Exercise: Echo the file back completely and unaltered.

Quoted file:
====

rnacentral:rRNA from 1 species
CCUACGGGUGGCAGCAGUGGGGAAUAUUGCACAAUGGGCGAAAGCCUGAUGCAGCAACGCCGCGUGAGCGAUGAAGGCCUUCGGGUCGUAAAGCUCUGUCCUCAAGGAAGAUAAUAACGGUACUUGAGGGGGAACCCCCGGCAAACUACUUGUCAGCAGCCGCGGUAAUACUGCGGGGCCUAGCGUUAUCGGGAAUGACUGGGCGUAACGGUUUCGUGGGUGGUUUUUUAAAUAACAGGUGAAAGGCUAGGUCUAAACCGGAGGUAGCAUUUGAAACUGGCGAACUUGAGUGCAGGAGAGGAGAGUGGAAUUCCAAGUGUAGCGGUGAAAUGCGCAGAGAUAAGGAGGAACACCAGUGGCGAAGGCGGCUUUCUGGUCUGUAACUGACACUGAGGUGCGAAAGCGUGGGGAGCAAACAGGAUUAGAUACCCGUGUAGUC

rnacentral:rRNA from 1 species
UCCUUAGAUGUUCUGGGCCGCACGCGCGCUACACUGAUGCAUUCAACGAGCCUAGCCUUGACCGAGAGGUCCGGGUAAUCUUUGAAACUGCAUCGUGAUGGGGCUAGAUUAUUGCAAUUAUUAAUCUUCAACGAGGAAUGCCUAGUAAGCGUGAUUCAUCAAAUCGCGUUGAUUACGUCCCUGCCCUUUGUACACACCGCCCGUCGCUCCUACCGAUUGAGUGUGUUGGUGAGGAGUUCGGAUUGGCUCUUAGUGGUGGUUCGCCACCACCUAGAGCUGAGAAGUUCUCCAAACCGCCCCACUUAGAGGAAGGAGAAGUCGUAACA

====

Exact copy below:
rnacentral:rRNA from 1 species
CCUACGGGUGGCAGCAGUGGGGAAUAUUGCACAAUGGGCGAAAGCCUGAUGCAGCAACGCCGCGUGAGCGAUGAAGGCCUUCGGGUCGUAAAGCUCUGUCCUCAAGGAAGAUAAUAACGGUACUUGAGGGGGAACCCCCGGCAAACUACUUGUCAGCAGCCGCGGUAAUACUGCGGGGCCUAGCGUUAUCGGGAAUGACUGGGCGUAACGGUUUCGUGGGUGGUUUUUUAAAUAACAGGUGAAAGGCUAGGUCUAAACCGGAGGUAGCAUUUGAAACUGGCGAACUUGAGUGCAGGAGAGGAGAGUGGAAUUCCAAGUGUAGCGGUGAAAUGCGCAGAGAUAAGGAGGAACACCAGUGGCGAAGGCGGCUUUCUGGUCUGUAACUGACACUGAGGUGCGAAAGCGUGGGGAGCAAACAGGAUUAGAUACCCGUGUAGUC

rnacentral:rRNA from 1 species
UCCUUAGAUGUUCUGGGCCGCACGCGCGCUACACUGAUGCAUUCAACGAGCCUAGCCUUGACCGAGAGGUCCGGGUAAUCUUUGAAACUGCAUCGUGAUGGGGCUAGAUUAUUGCAAUUAUUAAUCUUCAACGAGGAAUGCCUAGUAAGCGUGAUUCAUCAAAUCGCGUUGAUUACGUCCCUGCCCUUUGUACACACCGCCCGUCGCUCCUACCGAUUGAGUGUGUUGGUGAGGAGUUCGGAUUGGCUCUUAGUGGUGGUUCGCCACCACCUAGAGCUGAGAAGUUCUCCAAACCGCCCCACUUAGAGGAAGGAGAAGUCGUAACA